Online university courses should not have more than 12 students
Twelve. This is the number of students who should be in an online undergraduate class, According to research of two teachers.
It’s an easy number to understand, just one dozen. But it’s a big, big deal for current and future online higher education.
The research is by Dr. Lawrence Tomei, professor of education at Robert Morris University and Douglas Nelson, director of the MBA program and professor at Seton Hill University. Their research was published last September, following a 2006 study, and aimed to establish maximum class sizes for various modes of instruction: classroom, online, and hybrid, which is a mix of online and online. anybody. The pair also researched these numbers in undergraduate, graduate, and doctoral courses and programs.
The discoveries are breathtaking.
Tomei and Nelson say that, as mentioned, online undergraduate courses should have no more than 12 students. In person, on-campus classes should not exceed 18 students, and hybrid models should not have 17 students. Undergraduate classes should also have an upper limit of 18, while upper classes should not have more than 14 students, and doctoral classes should only be nine students or less, although Tomei advised more research. on this doctoral level.
Tomei and Nelson arrived at these numbers after over a year of studying across all colleges and disciplines and, from a teacher’s perspective, what it actually took to teach the courses. Dr Tomei says they’ve measured “the actual delivery of teaching,” tracked the time it takes to assess and give exams and do things like provide “advice and guidance” to students.
There should be fewer students in an online classroom because, says Tomei, “Teach online, and I know there are literally hundreds of thousands of K-12 teachers who are now reported to be teaching online. okay, takes a lot more work than teaching in a classroom. ”
The ‘biggest reason’ it takes longer and more work to teach online is that ‘the work was higher and much more difficult in assessment, online than in the classroom, much more challenges in assessing online students, ”Tomei said. “If you want to do anything online with genuine assessments like writing, essays, projects, it’s a lot harder online. It takes more hours and you can have fewer students, the same with tips and advice, ”he said.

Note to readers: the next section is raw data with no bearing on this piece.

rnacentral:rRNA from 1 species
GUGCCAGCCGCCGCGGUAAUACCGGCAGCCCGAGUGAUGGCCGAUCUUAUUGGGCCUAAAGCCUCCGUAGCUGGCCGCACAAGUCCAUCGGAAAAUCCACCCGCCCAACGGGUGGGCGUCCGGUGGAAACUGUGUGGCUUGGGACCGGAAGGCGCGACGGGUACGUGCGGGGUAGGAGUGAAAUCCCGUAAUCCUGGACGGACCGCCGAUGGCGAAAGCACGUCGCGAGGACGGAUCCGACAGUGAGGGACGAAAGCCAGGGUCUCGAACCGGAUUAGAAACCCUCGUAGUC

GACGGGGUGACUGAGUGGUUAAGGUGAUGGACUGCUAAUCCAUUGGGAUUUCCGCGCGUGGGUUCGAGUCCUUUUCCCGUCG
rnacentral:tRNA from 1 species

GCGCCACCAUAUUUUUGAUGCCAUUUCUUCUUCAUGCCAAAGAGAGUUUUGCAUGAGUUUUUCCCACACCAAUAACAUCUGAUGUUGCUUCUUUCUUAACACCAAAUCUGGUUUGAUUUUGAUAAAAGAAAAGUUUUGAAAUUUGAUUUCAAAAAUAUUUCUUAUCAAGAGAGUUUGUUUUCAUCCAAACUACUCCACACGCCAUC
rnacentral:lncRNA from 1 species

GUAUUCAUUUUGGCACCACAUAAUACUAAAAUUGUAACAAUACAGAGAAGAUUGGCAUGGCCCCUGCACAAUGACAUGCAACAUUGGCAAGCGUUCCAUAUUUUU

Dr Tomei also said that research has shown that it also takes longer to prepare for an online course than a face-to-face course. “It’s not just about taking your materials that you’ve been using for 15 years and putting them on a site, there’s more to it.”
Teen college class sizes may be ideal, but it’s not too realistic because of the money. Each paid rear end that you can put in front of a teacher is a margin, an additional income. For years, this has been the obvious appeal of online university – the ability to put large numbers of students in classes with the same teacher, thus increasing profits.
In fact, the formula of cheap teachers, repeated course content, and massive class sizes is an ATM. So much so that many colleges exist entirely around this model, producing online degrees from heavily advertised programs that are managed instead of taught.
Big online cash cow colleges are unlikely to care about this study showing that their online courses are far too important to be taught well. Quality education from qualified and well-paid teachers is not their business model.
Nonetheless, having a class number, knowing that 12 is the largest recommended size for online undergraduate courses, will allow students to make better choices about where to study and what their tuition costs. actually provide. Every online student and every potential online student should send emails to their instructors and advisors asking them how big their online courses are, and then act accordingly.
Whether or not that happens, the real pressure to reduce class sizes is likely to come from teachers. And this is where Tomei and Nelson’s research will find enthusiastic ears. By studying the “load of professors”, by separating the actual work, the duo have armed faculties for future contract and payment negotiations.
“I think university and college administrations should definitely look into this issue. [research]. This will give them a better idea of the contractual revisions that need to be made as a result of this shift to online teaching – you need to look at class sizes, prep time – how long does it take for a faculty member. to prepare to teach online is different, ”said Dr Tomei.
He is. And if that does happen, if teachers negotiate better pay for online education, or if colleges start reducing class sizes in their online offerings, it would interrupt a foundational premise of online learning – l idea that the scale and scope of online education reduce its cost. It would also undermine the idea that online education is a democratizer of education, altruistic in scope and mission-focused colleges. Just watch how quickly schools reconsider this mission when costs rise.
In fact, the idea that online education would be cheaper because it could be bigger has never been true. There have always been significant hidden costs in online education, at least if you try to do it right. But capping online class sizes at 12 – heck, even 24 – would destroy the tax value of being online in the first place. Since college courses should focus on educational value rather than tax, that would be a good thing.